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Friday, August 6, 2010

Weekly Trivia Files: Christianisms--God Among gods

I thought I'd explain today about one tiny bit of trivia that runs through all of my posts on Savvy Sheep.  Perhaps it is as subtle as the format for writing a Bible reference (read how in the "Christianisms" post here).

Have you ever noticed how I capitalize the letter "G" in "God," but when referring to Greek gods, Hindu gods, or even individuals who are "gods in their own minds," I don't capitalize the same word?  Also, when I use a pronoun to reference Jesus, such as "Him," I capitalize that, but I give no such special treatment to pronoun references to deities in other religions.  Why is that?


This habit dates back to early grammar lessons in my Christian textbooks, where I learned to capitalize certain proper nouns and important words.  Words specifically associated with Jesus and God the Father (including pronouns), and words related to the Bible (the name of the book itself, as well as common terms for it such as Scripture or the Word of God) were included in the grammar capitalization rules.  Apparently this was once a standard English writing rule, perhaps a holdover from the days of Daniel Defoe, when writers capitalized every word that they felt was important.  Most modern translations of the Bible don't even adhere to it as strictly as I was taught.


It never felt strange to me to pay special homage to the God I worshiped when composing sentences that mentioned Him.  However, when I got to college, I noticed that I was pretty much the only one following this rule (not too surprising, I guess).

I made it a point to continue adherence to this rule, despite lectures on Structuralism, a linguistic theory that argues that words are merely symbolic referents to meaning and contain no special qualities in themselves.  I also adhered to the rule despite lectures on multiculturalism and post-colonialism, which argued that I was imposing my belief structure on other cultures and beliefs and implying that mine was better than others. Was I just being petty?

Deuteronomy 4: 7
 I don't think so.  I don't want to go into arguments about the lectures I've just mentioned.  I will explain my own motives, however.  I capitalize "God" but not "gods" because I do believe that my God is bigger than all the other gods that the world worships.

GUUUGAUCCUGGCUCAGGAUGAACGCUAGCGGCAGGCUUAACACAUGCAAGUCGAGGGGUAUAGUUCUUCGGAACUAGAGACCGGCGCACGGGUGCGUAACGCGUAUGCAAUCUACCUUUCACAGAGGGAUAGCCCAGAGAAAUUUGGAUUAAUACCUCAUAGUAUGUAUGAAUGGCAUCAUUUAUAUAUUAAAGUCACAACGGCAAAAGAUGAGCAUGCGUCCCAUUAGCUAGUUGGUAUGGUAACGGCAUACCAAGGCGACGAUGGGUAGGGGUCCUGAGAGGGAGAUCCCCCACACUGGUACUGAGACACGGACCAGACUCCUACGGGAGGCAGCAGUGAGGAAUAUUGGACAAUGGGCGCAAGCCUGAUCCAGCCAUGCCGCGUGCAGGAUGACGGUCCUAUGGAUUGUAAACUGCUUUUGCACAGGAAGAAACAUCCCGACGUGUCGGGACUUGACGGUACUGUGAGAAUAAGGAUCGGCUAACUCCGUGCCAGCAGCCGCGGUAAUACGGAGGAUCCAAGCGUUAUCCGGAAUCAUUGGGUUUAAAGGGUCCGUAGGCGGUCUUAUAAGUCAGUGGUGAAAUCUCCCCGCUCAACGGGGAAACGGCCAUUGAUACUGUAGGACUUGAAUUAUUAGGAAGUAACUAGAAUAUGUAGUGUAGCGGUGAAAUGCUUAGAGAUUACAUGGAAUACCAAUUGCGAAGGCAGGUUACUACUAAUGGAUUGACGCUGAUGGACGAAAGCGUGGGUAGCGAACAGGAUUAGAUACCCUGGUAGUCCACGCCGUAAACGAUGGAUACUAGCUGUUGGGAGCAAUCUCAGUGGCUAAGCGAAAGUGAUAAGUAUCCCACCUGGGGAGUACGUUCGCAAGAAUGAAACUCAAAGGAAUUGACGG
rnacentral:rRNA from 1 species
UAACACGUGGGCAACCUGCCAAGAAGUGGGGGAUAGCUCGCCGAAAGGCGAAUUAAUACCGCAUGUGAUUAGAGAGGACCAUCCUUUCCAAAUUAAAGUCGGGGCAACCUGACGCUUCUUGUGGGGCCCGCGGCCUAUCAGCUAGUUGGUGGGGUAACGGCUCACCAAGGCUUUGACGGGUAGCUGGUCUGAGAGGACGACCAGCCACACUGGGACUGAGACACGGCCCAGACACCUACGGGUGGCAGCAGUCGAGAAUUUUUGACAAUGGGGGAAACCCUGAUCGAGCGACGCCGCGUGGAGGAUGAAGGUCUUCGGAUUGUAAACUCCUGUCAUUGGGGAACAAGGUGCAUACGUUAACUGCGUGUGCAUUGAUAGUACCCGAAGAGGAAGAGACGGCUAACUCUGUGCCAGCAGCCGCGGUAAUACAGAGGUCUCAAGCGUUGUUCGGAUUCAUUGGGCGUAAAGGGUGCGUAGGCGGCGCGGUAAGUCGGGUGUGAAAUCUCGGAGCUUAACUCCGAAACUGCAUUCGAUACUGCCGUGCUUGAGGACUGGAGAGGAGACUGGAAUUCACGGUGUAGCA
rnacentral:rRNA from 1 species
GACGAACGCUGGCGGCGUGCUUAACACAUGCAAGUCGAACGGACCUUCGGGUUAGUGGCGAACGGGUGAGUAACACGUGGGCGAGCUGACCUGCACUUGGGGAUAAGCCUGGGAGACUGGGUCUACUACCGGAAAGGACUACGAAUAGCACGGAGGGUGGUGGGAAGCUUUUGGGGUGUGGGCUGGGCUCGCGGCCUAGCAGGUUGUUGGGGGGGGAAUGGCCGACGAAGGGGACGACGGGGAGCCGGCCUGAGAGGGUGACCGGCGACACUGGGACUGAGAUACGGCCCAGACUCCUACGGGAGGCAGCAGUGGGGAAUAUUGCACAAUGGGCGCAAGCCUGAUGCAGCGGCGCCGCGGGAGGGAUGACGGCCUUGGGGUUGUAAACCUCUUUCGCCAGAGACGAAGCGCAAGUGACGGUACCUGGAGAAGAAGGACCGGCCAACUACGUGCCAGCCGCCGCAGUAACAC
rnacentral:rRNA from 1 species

I know that the letters that compose the word in English have no special significance in themselves, but I do believe that in the context of a sentence, a capital letter does have a certain weight that causes a person to give pause and think about the meaning of the word.  The "shift" key doesn't make God holy; but it does make people think about God and His holiness.


This is part of my personal worship, and as far as I know, I am still free to express this opinion.  I capitalize God but not gods because I believe that the God of Christianity is special among all the other religions.  This God is the only one I know; the rest stand aloof and cannot be reached.  In fact, I believe they are imaginary.  This God whom I constantly discuss is uniquely real.  He came to earth to personally offer friendship and even adoption to all who would know Him.  Hitting the "shift" key on my keyboard is a small difficulty that reminds me of how special He is to me.  That's why I do it.

2 comments:

Kamal said...

Rachel, enjoyed the blog. Very insightful.

Words, unquestionably are essential to our survival on this earth. We use words to express our affection towards others, to comfort others, words used in a poem or a song moves the very inner core of our being like for instance a national anthem. Without words life almost doesnot make sense because you need words to explain what life really mean.

When words are so important to express our love, affection and reverence to someone, then why not also be more careful in our usage of those words. When we are addressing to someone like a queen here on earth we use "her majesty." Our God is a God who dwelleth on high. He deserves reverence from us in every way possible.

I really love it what you said about the shift key. You are right shift key by itself does not bring God Holiness or set him apart. It is the other way around, because He is Holy and worthy to be praised, we give Him due reverence even by using the shift key. If there are other things in our life though which if we are able to bring God the glory, we should practice them because He deserves it.

Thank you for reminding us ones again to be careful in our usage of words when we are refering to the God most high. There is no one else like Him and that is why He is known as "I am." There is not another "I am." He is as was and will be "I am" forever.

God Bless.

Rachel M. said...

Thanks Kamal. :)

I realize that this capitalization rule seems like a tiny point for some people, but I felt like it was worth mentioning at least once on my blog, because of the bigger issues that grammar masks.

I think that was my favorite sentence, as well. I thought it was one of those God-given ones (He helps with my writing pretty often). Glad you liked it! :)

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